Poorly plants: Plants become unwell at times for a variety of reasons which can lead growers to believe feeding will help when this is a time to stop feeding and try and diagnose then rectify the faults. The problem with a plant could actually be over-fertilizing so the last thing it needs is more food. The worst that can happen when fertilizer stops is slower or weak growth and smaller flowers or no flowers, which can easily be put right once other problems are resolved.
How often and amount: It’s best to follow the guidelines for feeding times of the brand or product purchased, which is usually once a week or two during the growing period. However, do follow a guide (similar to the guides on this site for the specific plant) because a lot of plants do not need feeding every week and only want half the amount diluted that’s recommended on the label. Also, plants that are growing in low light conditions do not grow as quickly – so less feed is required.
Under and Over Feeding Signs
It’s better to feed too little than too much, as you will see with the potential problems caused either way. Overfeeding causes more serious problems than not providing enough. It’s important to be aware that the list of problems below could also have another cause unrelated to fertilizer, so you must check all other potential causes as well.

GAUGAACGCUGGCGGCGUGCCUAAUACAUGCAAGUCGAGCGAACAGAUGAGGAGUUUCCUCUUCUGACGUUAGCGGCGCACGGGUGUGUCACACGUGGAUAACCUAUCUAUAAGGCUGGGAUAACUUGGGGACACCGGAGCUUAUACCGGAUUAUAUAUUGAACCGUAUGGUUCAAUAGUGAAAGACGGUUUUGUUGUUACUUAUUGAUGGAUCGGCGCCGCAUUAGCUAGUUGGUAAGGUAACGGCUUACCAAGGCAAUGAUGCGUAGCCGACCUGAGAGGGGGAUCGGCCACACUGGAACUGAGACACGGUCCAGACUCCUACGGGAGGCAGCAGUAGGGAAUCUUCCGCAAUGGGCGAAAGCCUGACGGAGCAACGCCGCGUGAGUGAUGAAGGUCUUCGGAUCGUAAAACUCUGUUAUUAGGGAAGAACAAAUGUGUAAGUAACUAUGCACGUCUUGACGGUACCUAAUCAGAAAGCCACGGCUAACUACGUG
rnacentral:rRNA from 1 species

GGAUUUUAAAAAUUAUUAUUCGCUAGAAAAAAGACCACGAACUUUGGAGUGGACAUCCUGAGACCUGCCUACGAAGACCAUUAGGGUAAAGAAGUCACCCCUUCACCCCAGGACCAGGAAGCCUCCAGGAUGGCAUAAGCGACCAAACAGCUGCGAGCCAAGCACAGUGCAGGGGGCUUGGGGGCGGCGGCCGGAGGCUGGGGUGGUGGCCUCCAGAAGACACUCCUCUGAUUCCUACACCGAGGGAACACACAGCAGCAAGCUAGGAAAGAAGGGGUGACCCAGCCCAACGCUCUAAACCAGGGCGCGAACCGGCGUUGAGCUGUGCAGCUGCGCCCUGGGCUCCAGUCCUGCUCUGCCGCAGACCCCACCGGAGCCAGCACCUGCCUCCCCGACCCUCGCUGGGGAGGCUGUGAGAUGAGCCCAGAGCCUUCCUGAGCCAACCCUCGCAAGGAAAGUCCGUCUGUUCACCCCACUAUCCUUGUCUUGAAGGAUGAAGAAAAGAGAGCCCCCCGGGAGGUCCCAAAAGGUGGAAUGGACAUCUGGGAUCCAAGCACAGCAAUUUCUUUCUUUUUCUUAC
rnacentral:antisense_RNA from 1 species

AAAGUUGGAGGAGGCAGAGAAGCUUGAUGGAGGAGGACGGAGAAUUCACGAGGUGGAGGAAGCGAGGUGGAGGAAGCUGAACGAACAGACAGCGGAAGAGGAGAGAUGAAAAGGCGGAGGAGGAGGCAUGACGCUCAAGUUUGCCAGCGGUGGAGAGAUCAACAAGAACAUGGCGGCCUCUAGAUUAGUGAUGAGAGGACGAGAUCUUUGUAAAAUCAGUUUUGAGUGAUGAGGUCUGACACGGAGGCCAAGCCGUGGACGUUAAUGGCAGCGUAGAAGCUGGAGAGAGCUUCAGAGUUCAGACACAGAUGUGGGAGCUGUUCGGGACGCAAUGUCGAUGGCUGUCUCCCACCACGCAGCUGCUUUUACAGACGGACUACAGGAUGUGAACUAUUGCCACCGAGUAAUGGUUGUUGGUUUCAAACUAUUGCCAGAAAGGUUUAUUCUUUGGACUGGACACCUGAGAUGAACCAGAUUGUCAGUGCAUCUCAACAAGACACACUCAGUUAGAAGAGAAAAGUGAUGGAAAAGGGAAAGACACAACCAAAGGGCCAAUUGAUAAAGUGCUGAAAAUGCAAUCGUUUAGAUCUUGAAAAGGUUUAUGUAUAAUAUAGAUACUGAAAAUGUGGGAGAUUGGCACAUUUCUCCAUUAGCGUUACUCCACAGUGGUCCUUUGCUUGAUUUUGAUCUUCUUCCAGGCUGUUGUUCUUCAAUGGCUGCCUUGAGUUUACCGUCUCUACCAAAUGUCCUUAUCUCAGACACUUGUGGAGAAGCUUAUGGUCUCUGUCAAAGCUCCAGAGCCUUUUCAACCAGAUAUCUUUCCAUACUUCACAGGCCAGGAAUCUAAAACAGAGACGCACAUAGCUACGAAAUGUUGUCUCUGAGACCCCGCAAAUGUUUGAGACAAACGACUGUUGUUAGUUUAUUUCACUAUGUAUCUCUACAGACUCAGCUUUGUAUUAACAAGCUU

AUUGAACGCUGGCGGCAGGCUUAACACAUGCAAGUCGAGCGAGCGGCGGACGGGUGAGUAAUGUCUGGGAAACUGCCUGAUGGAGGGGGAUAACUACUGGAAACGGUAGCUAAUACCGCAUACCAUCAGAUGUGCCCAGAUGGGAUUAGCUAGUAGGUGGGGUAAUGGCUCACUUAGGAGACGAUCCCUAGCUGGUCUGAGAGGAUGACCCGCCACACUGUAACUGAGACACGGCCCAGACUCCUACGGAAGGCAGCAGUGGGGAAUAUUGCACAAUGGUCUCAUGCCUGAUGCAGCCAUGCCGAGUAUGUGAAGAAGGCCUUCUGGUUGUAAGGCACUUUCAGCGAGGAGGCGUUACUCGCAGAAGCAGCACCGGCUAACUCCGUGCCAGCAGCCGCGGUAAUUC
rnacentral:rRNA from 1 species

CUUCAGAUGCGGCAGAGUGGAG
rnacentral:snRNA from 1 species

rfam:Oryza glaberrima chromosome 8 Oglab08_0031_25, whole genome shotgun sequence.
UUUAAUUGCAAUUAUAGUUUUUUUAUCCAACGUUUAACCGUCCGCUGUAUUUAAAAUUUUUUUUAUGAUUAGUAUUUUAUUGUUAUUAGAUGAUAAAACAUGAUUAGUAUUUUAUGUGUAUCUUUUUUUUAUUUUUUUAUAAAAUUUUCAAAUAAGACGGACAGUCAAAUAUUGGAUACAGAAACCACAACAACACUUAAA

- Slow and weak growth
- Not enough leaves and new shoots
- Small flowers
- No flowering
- Weak looking and pale in color
- Yellowing leaves
- Slow and weak growth
- Leaves wilting
- Root problems and rot
- Growth stops
- Scorched leaf edges and brown spots
- Losing lower leaves
- Build up of salts on the top soil causes a white crust
- Plant death after a prolonged period of overfeeding
If over-fertilized: If a plant has the above problems from over-fertilizing you can flush the soil with just water so all salt buildup can clear out, and give the plant a month or two before feeding again. Another option is to replace the potting soil and not use fertilizer for about 2 months.
Underfed: If under fertilized simply begin feeding based on the requirements for that plant species.
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Elyssa Goins is a gardener, beekeeper, and a proud mom of four. She is a member of the American Horticultural Society, has been published in a Scientific Journal, and loves to talk about her love of plants. For the past twenty years, she’s been all about growing and caring for various fruits, veggies, herbs, livestock, kids, and houseplants. Managing a big garden to feed four growing kids and raising dairy goats has taught her so much about being an excellent plant parent and now is her time to share with you.